Annual Research Review: Attention-deficit/hyperactivity disorder in girls and women: underrepresentation, longitudinal processes, and key directions
Hinshaw SP, Nguyen PT, O’Grady SM, Rosenthal EA.
J Child Psychol Psychiatry. 2021 Jul 6.
Commentary* by Dr. Margaret Weiss: Steve Hinshaw’s program of research in girls and women with ADHD has demonstrated that although less ADHD in girls is less prevalent in the clinic, it is by no means benign.
Attention-deficit/hyperactivity disorder (ADHD) – and its underlying behavioral dimensions of inattention and hyperactivity-impulsivity – have been understudied in females.
We first cover the conceptual issues of prevalence, diagnostic practices, diversity, comorbidity, and causal factors, plus forces limiting awareness of ADHD in females. After a narrative review of cross-sectional and longitudinal findings, we conclude the following.
(a) Girls meet diagnostic criteria for ADHD at just under half the rates of boys, a ratio that becomes much closer to equal by adulthood. (b) Girls and women with ADHD show a predominance of inattention and associated internalizing problems; boys and men display greater levels of hyperactive-impulsive symptoms and associated externalizing problems. (c) Sex differences in ADHD symptoms and related outcomes depend heavily on the clinical versus nonreferred nature of the samples under investigation. (d) Females with ADHD experience, on average, serious impairments, with a particularly heightened risk for problems in close relationships and engagement in self-harm. (e) Clinicians may overlook symptoms and impairments in females because of less overt (but still impairing) symptom manifestations in girls and women and their frequent adoption of compensatory strategies.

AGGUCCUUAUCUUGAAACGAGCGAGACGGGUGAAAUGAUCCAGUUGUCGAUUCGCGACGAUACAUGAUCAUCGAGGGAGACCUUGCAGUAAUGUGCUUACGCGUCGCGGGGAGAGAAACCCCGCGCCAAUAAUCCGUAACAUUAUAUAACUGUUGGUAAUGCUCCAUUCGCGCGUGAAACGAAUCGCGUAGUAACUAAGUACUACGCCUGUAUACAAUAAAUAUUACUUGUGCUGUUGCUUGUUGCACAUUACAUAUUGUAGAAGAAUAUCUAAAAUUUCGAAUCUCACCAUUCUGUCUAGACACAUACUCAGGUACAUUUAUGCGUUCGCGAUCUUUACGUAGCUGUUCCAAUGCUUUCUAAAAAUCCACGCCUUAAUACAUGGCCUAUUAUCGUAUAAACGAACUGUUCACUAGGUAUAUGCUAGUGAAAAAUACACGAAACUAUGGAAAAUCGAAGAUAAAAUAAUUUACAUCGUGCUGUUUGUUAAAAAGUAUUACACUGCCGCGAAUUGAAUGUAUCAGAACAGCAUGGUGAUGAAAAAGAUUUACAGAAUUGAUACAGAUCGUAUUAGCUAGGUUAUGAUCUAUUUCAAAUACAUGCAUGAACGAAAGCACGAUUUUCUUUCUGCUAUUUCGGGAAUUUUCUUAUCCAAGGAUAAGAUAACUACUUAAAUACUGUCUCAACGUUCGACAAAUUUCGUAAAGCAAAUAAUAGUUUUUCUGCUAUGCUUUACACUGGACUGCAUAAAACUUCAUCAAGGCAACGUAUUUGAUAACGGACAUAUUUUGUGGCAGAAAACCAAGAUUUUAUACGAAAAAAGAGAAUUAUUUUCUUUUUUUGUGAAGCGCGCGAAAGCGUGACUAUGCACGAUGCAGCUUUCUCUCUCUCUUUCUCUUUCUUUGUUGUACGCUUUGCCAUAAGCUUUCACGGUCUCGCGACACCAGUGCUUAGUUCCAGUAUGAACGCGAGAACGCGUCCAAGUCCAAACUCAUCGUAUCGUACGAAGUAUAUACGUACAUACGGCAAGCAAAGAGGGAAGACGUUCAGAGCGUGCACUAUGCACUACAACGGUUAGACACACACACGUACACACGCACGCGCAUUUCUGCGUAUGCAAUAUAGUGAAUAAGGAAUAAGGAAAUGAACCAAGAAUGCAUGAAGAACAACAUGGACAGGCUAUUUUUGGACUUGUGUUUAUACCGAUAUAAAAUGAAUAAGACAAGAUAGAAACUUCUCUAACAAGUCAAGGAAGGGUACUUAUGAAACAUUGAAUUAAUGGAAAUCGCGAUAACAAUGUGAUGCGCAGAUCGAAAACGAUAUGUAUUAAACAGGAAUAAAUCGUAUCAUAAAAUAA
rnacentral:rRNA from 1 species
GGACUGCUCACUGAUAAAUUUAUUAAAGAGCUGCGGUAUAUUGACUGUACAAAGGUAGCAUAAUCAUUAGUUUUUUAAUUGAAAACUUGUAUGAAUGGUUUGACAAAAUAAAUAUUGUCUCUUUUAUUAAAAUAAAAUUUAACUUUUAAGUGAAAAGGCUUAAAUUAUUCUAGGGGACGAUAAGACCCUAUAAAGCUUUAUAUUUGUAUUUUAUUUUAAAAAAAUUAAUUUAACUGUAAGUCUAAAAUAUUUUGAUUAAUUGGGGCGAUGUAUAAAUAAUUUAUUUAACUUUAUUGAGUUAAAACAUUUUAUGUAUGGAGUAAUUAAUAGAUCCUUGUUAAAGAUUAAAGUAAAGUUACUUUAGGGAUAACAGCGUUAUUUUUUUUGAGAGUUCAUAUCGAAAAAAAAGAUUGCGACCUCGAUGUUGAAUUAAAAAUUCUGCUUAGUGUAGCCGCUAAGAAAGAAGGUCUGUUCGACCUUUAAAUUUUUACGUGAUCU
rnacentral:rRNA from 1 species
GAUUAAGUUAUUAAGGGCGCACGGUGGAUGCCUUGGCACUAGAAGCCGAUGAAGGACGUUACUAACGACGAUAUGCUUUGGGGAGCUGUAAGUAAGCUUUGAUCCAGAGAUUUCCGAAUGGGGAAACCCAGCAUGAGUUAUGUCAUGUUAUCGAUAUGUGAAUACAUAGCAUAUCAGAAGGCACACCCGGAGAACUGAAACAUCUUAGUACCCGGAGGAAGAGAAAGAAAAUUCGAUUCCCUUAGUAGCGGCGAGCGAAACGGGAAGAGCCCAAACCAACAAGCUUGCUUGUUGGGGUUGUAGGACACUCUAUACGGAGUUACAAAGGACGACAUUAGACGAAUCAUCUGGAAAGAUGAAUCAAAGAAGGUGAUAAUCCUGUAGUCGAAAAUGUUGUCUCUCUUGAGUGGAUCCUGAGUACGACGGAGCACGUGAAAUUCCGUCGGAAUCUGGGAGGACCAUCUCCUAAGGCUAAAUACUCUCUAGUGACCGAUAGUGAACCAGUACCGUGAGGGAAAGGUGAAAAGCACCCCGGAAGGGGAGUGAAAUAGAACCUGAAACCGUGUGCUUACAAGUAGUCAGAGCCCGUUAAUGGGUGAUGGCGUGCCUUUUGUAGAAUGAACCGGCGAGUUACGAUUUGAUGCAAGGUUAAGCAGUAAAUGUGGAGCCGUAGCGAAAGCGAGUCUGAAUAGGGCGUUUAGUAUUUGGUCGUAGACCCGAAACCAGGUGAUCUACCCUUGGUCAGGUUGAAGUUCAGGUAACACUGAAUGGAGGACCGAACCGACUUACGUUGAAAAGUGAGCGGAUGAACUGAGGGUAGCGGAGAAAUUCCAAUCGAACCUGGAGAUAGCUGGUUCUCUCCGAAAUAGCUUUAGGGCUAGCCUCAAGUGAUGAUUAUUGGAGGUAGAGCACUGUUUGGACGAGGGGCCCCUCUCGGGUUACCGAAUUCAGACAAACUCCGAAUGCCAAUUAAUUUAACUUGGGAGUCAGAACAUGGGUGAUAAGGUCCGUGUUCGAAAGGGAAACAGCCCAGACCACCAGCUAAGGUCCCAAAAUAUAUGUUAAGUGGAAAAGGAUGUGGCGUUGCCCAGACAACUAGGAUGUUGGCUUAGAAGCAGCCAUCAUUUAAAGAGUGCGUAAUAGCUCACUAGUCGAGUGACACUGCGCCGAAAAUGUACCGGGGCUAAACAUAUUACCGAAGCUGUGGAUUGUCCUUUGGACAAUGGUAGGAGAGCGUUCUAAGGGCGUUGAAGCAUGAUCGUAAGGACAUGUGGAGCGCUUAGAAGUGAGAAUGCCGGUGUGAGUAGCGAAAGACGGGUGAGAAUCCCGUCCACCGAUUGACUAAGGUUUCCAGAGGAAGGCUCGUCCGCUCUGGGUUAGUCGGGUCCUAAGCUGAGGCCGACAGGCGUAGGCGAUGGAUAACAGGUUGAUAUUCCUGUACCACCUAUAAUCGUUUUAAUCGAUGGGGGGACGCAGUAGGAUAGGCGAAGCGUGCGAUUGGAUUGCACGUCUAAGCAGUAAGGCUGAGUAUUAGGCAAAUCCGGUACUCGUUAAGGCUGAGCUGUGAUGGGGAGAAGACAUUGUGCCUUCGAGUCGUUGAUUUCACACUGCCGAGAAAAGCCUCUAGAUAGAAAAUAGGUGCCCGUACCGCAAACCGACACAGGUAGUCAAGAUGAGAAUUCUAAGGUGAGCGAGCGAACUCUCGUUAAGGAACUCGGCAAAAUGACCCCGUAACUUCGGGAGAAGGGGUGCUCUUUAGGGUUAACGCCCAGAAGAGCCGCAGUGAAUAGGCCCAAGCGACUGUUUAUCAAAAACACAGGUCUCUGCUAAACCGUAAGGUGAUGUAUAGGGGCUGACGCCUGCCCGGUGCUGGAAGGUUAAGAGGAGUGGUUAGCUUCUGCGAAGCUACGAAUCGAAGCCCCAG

Our review of predictors and mediators of adult outcomes highlights (a) the potential for heterotypically continuous pathways in females with childhood ADHD and (b) developmental progressions to self-harm, intimate partner violence, unplanned pregnancy, and comorbid psychopathology.
Focusing on ADHD in females is necessary to characterize causal and maintaining mechanisms with accuracy and to foster responsive interventions, as highlighted in our closing list of clinical implications and research priorities.
* Abstracts are selected for their clinical relevance by Dr. Margaret Weiss, Director of Clinical Research, Child Psychiatry, Cambridge Health Alliance, Harvard University. Her commentary reflects her own opinion. It is not approved or necessarily representative of the CADDRA board.